Midnights Taylor Swift
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Swifties insist cryptic ‘Midnights’ lyrics obviously point to Taylor Swift’s ex-flame

It's not over, Dear John.

Never mind “Dear John (Taylor’s Version),” which will eventually release as part of the re-recorded Speak Now album. Taylor Swift knows all too well just how much her fans love the tea when it comes to her past relationships, so naturally, one of the tracks from Midnights is making unmistakable references to her scrutinized relationship with John Mayer. At least, that’s what Swifties are saying on social media.

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Today saw the hotly anticipated release of Midnights across different music platforms. Alongside the announced lineup, which consists of 13 songs, Miss Americana announced seven surprise bonus tracks under the moniker of Midnights – 3am Edition, so you know that T-Swizzle is taking no prisoners when it’s the unruly hours of dusk as she sets about writing new music.

It seems that one of these bonus tracks – “Would’ve, Could’ve, Should’ve” – is garnering a lot of attention on Twitter for a very familiar reason. Because if you thought Taylor was done slaying her former partners because folklore and evermore blissfully took a storytelling detour, you’ll be in for one helluva hilarious surprise.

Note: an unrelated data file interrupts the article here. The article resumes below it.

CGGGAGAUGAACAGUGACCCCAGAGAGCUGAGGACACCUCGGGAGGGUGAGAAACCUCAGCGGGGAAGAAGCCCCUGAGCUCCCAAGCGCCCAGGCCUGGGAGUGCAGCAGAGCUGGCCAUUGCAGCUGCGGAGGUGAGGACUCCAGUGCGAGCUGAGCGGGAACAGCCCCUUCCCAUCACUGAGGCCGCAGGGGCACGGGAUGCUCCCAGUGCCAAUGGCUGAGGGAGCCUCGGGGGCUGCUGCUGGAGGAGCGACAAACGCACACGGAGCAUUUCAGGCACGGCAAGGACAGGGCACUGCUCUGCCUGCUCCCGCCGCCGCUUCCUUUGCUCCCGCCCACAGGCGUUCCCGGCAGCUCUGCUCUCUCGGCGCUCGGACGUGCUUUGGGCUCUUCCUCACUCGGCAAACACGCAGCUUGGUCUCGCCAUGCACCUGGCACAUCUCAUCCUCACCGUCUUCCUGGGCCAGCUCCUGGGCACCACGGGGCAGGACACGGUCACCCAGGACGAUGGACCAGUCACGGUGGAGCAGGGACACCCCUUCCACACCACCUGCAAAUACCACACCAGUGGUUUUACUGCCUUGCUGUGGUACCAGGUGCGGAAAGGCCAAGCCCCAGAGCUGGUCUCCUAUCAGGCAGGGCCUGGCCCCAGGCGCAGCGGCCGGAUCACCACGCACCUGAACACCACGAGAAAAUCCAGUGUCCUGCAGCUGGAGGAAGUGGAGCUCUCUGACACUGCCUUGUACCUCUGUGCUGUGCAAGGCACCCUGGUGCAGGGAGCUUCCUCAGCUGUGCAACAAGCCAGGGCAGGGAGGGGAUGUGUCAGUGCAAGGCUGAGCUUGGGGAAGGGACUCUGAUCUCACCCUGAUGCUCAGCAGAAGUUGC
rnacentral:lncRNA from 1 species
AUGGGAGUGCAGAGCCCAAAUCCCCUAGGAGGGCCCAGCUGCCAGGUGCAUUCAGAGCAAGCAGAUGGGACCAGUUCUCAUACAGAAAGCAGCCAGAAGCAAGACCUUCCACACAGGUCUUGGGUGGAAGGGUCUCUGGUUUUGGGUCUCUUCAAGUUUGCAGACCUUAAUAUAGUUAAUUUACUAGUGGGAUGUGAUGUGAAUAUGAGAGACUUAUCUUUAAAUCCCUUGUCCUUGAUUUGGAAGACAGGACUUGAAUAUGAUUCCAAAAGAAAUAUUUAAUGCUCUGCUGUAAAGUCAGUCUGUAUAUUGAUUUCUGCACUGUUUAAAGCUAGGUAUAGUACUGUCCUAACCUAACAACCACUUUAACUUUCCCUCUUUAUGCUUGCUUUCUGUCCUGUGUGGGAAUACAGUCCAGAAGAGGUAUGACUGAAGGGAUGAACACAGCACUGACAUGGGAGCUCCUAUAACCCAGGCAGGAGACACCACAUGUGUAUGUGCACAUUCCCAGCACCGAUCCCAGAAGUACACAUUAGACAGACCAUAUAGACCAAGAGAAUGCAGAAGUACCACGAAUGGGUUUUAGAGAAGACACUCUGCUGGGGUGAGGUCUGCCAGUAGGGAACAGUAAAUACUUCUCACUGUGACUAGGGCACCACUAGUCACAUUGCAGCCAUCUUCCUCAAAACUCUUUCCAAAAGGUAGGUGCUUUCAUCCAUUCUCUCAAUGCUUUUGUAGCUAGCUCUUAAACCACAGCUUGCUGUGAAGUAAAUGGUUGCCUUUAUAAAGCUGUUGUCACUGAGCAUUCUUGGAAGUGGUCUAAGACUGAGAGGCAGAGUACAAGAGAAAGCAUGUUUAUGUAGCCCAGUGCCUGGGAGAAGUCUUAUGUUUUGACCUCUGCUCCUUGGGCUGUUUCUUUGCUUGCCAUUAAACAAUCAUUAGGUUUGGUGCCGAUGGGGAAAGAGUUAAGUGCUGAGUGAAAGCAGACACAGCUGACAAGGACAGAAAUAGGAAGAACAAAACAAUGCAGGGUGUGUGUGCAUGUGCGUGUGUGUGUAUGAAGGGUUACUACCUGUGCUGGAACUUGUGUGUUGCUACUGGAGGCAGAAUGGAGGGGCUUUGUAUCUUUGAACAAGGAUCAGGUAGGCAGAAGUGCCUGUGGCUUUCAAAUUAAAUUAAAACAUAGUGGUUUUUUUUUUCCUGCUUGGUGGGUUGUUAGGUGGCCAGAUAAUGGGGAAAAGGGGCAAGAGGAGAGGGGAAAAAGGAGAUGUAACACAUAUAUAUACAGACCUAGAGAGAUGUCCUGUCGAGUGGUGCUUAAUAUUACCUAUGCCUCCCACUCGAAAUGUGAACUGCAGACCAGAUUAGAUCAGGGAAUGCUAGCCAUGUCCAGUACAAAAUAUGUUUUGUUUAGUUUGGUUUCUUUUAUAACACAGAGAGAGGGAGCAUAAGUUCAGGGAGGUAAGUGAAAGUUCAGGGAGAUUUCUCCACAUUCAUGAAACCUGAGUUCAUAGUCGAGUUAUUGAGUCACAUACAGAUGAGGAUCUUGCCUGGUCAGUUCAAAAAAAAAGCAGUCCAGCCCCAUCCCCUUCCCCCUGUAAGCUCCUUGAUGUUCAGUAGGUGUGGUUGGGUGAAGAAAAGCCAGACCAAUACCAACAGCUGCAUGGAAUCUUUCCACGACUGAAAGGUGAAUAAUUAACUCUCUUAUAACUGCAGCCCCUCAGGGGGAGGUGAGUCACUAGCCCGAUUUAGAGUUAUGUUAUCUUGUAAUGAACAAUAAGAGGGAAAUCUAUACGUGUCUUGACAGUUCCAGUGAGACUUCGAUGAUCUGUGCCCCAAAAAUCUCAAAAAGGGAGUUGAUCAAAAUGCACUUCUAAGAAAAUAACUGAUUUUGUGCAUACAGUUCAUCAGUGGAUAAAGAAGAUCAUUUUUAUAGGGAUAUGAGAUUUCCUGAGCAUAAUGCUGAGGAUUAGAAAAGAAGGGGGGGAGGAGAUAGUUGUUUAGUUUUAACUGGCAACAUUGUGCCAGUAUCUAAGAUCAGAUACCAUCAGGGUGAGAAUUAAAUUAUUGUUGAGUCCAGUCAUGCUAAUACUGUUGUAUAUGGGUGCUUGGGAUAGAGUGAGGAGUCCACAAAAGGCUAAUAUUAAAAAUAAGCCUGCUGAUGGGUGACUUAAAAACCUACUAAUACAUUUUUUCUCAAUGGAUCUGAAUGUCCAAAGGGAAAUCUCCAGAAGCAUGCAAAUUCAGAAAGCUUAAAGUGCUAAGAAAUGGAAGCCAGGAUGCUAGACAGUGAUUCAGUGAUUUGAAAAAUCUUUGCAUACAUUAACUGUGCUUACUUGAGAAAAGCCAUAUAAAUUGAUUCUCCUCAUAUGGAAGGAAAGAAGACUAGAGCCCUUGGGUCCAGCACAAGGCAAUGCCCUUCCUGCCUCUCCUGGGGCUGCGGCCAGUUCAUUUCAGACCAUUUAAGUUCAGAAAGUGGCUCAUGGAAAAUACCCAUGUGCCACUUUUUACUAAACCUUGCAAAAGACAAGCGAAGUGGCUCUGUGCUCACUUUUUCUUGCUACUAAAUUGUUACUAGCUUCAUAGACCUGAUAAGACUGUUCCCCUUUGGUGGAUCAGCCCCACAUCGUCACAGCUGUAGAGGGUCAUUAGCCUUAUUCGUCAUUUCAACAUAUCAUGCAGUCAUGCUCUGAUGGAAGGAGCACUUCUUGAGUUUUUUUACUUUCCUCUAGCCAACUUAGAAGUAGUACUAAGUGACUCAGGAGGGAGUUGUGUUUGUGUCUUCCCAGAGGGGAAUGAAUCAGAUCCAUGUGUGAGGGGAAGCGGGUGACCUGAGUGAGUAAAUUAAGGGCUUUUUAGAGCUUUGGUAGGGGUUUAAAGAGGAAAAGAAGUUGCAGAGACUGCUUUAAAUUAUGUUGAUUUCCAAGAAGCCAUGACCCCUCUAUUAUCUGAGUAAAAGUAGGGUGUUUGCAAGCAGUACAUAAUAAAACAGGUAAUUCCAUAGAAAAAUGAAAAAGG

As ever, she’s being smart about it on top of everything else.

Swifties felt no sympathy for Jake Gyllenhaal when “All Too Well (10 Minute Version)” came out, so you can bet your last penny that John Mayer is going to feel worse for wear when the fandom is through with this album.

Taylor legitimately said: I NEED HIM TO SUFFER NOW.

Well, we all know the drill by now. Let’s just hope the controversy that’s bound to follow “Would’ve, Could’ve, Should’ve” doesn’t end up overshadowing Midnights and its critically acclaimed debut.


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Jonathan Wright
Jonathan is a religious consumer of movies, TV shows, video games, and speculative fiction. And when he isn't doing that, he likes to write about them. He can get particularly worked up when talking about 'The Lord of the Rings' or 'A Song of Ice and Fire' or any work of high fantasy, come to think of it.